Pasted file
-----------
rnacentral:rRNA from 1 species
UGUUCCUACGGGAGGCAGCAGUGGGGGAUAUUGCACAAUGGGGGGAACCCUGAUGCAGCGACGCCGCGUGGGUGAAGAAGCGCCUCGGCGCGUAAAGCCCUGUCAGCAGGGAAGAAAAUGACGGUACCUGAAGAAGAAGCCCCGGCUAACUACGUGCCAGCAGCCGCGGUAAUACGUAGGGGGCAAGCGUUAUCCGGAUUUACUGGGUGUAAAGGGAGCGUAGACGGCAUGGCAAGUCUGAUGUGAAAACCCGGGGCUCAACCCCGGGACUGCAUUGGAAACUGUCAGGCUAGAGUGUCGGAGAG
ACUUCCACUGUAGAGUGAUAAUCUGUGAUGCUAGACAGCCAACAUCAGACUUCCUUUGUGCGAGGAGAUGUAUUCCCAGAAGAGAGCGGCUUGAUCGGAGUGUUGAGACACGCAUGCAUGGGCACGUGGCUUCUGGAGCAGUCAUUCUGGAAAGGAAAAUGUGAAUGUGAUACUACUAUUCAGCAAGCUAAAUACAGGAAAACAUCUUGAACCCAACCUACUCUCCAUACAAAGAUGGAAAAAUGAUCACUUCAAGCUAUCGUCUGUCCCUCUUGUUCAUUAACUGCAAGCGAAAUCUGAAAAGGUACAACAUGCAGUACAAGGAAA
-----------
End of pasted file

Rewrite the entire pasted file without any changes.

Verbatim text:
rnacentral:rRNA from 1 species
UGUUCCUACGGGAGGCAGCAGUGGGGGAUAUUGCACAAUGGGGGGAACCCUGAUGCAGCGACGCCGCGUGGGUGAAGAAGCGCCUCGGCGCGUAAAGCCCUGUCAGCAGGGAAGAAAAUGACGGUACCUGAAGAAGAAGCCCCGGCUAACUACGUGCCAGCAGCCGCGGUAAUACGUAGGGGGCAAGCGUUAUCCGGAUUUACUGGGUGUAAAGGGAGCGUAGACGGCAUGGCAAGUCUGAUGUGAAAACCCGGGGCUCAACCCCGGGACUGCAUUGGAAACUGUCAGGCUAGAGUGUCGGAGAG
ACUUCCACUGUAGAGUGAUAAUCUGUGAUGCUAGACAGCCAACAUCAGACUUCCUUUGUGCGAGGAGAUGUAUUCCCAGAAGAGAGCGGCUUGAUCGGAGUGUUGAGACACGCAUGCAUGGGCACGUGGCUUCUGGAGCAGUCAUUCUGGAAAGGAAAAUGUGAAUGUGAUACUACUAUUCAGCAAGCUAAAUACAGGAAAACAUCUUGAACCCAACCUACUCUCCAUACAAAGAUGGAAAAAUGAUCACUUCAAGCUAUCGUCUGUCCCUCUUGUUCAUUAACUGCAAGCGAAAUCUGAAAAGGUACAACAUGCAGUACAAGGAAA